|inventor:||László József Bíró, journalist, painter, inventor|
|time of inventon:||1938|
About the inventor
László József Bíró
He was born as László Schweiger into a Jewish family. Bíró was originally journalist by profession, but also dedicated himself to painting. He converted to Lutheran religion with his wife in 1938. In 1938 because of the measures taken against the Jews he moved to Paris and later settled down in Argentina.
Although he had more than 20 inventions, only a small part of them became widely used. Nevertheless, a lot of them inspired posterior inventors. His most famous invention was the ballpoint pen, but he worked on several other ones too, like an automatic gear shift, the roll-on deodorant and even a steam-operated washing machine from 1930.
László József Bíró died in Argentina in 1985. Since 1986 his birthday, the 29th of September is the Inventor’s Day (Día del Inventor) in Argentina.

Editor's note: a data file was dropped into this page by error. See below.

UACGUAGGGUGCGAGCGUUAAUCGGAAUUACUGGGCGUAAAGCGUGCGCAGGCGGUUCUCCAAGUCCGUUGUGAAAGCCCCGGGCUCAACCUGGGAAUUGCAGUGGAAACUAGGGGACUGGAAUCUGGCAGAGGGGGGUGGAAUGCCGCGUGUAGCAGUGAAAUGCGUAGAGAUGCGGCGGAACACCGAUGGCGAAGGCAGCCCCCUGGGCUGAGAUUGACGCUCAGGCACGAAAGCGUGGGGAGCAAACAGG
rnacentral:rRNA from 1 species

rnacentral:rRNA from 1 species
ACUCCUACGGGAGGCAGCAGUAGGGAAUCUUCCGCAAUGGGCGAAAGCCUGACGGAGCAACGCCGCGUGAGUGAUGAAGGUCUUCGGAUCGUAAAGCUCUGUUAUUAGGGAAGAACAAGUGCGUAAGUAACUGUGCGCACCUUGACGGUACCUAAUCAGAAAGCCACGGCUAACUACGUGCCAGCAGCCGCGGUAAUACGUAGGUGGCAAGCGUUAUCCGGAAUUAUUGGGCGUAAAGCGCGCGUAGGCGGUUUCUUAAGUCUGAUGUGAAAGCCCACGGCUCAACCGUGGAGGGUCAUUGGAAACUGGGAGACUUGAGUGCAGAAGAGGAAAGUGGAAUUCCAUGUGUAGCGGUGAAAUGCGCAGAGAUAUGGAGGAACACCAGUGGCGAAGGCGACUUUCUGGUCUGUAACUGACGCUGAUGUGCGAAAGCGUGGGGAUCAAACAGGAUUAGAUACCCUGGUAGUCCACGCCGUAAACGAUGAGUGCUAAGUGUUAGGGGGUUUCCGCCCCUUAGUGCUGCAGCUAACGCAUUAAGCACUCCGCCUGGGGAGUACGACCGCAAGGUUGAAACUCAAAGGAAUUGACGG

While working as a journalist in Hungary, he noticed that the ink used in newspaper printing dried quicker, leaving the paper dry and smudge-free. Since this ink was thicker and less fluid, he developed a new tip consisting of a ball that was free to turn in a socket, and as it turned, it would pick up ink from a cartridge and then roll to deposit it on the paper. He had his first invention patented under the name fountain pen in Hungary in 1938. Later on he filed another patent in Argentina as well. The first ballpoint pens manufactured for commercial use were sold under the name Eterpen from 1945. This new design was also licensed for production in the United Kingdom to be used by aircrews, since it worked much better at high altitude than the fountain pens, because the ink did not come out of it. From the 1960s the ballpoint pen became wide-spread and commonly used everywhere in the world. It is widely referred to as „biro” or „biro pen” in English-speaking countries, in George Orwell’s works it is only mentioned by this name.